PhRMA submission to HHS on blueprint to lower drug prices and reduce out-of-pocket costs

Today, PhRMA submitted comprehensive comments to the Department of Health and Human Services (HHS) request for information.

Holly Campbell
Holly CampbellJuly 16, 2018

PhRMA submission to HHS on blueprint to lower drug prices and reduce out-of-pocket costs.

Today, PhRMA submitted comprehensive comments to the Department of Health and Human Services (HHS) request for information (RFI), HHS Blueprint to Lower Drug Prices and Reduce Out-of-Pocket Costs. While some of the changes in the RFI could make improvements to the system, others would be a step backward for patients:

  • Rebates: How we pay for medicines has evolved into a complex system of list prices and rebates in an opaque supply chain. Pharmacy benefit managers (PBMs) and other entities in the supply chain have incentives to favor medicines with high list prices and rebates. This hurts patients and increases costs. The industry supports reforms that prevent PBMs and other entities in the supply chain from being paid as a percent of the list price of a medicine. Instead, such entities should be paid a fee based on the value their services provide.

  • Medicare Part D: Changes are needed to improve affordability and predictability in the Medicare Part D program, but some of the RFI proposals would be a step backward for patients. We urge the Administration to strengthen out-of-pocket protections, maintain current formulary protections and continue current treatment of coverage gap discounts in the calculation of true out-of-pocket spending.

  • Global free riding: Many of our trading partners abroad mandate price controls and other harmful trade practices to artificially depress the market value of innovative medicines. These practices stifle global R&D, competition and savings. The result is that Americans are increasingly shouldering the burden of global investment in discovering new medicines. We propose the Administration end the most unfair and discriminatory trade practices, including negotiating and enforcing stronger trade agreements and ensuring foreign government pricing and reimbursement policies are transparent and do not condone compulsory licensing.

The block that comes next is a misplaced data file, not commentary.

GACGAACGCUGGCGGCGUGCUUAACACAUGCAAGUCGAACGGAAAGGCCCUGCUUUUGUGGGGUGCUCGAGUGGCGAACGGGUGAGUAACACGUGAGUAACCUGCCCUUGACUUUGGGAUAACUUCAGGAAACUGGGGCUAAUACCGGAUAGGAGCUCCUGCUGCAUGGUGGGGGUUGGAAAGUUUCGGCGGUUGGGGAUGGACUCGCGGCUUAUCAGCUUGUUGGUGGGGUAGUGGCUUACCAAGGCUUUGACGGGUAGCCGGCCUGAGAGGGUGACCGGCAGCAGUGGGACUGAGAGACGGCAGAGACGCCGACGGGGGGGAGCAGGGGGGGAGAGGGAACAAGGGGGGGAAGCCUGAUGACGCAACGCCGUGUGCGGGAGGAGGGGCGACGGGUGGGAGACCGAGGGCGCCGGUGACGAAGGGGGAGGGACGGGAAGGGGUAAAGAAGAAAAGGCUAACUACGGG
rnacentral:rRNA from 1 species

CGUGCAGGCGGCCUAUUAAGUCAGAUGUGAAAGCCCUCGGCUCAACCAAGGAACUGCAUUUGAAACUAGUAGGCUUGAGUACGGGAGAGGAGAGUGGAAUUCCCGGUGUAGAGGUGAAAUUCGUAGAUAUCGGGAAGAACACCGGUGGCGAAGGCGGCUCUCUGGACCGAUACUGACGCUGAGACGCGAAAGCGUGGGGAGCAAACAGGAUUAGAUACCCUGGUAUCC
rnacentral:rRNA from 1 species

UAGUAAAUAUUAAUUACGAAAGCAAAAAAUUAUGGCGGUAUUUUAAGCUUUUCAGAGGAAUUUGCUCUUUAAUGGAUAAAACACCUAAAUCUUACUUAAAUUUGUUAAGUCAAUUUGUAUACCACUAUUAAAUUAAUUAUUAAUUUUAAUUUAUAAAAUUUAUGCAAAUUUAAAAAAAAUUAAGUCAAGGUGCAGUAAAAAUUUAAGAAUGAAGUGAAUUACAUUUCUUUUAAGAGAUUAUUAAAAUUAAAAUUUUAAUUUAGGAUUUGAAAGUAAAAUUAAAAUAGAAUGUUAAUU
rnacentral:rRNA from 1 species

• 340B program: We support the goals of the 340B program, but increasing evidence from independent watchdogs has raised concerns about patients not benefiting from the program. While 340B has continued to grow exponentially, hospitals - not patients - have benefitted from the increased manufacturer discounts. We urge the Administration to revisit current 340B policies and make changes to strengthen the program.

  • Value-based contracts: The biopharmaceutical industry is working with health plans and others to develop new contracting approaches that tie payment more closely to value. To encourage voluntary value-based contracts, we urge the Administration to issue an Anti-Kickback Statute safe harbor for value-based arrangements and clarify the rules for the reporting of Medicaid best price.

  • Medicare Part B: Under the Part B program, vulnerable Medicare patients with a range of complex conditions have access to medicines that are generally administered by providers. As changes to this program are considered, it is critical to preserve patients’ access to the full range of treatment options. In addition, the Administration should refrain from moving coverage of medicines from Part B to Part D and avoid the implementation of a competitive acquisition program that would undermine strengths of the current system.

  • Medicaid: Spending on medicines represents a small share (7 percent on average) of total state Medicaid budgets. However, the expansion of Medicaid rebates under the ACA, along with the pharma tax, may have placed pressure on list prices, forcing companies to raise prices overall in the market. Moreover, to avoid further market distortions, the Administration should maintain the cap on Medicaid rebates.

  • Direct-to-consumer (DTC) advertising: The mandated disclosure of list prices in DTC ads would not benefit patients as they are often not the prices insurers pay and are generally not a good indicator of what patients will pay at the pharmacy counter. Any such requirement would raise significant legal issues, including First Amendment concerns. 

View PhRMA’s full submission here and executive summary here.

Read PhRMA’s press release here.

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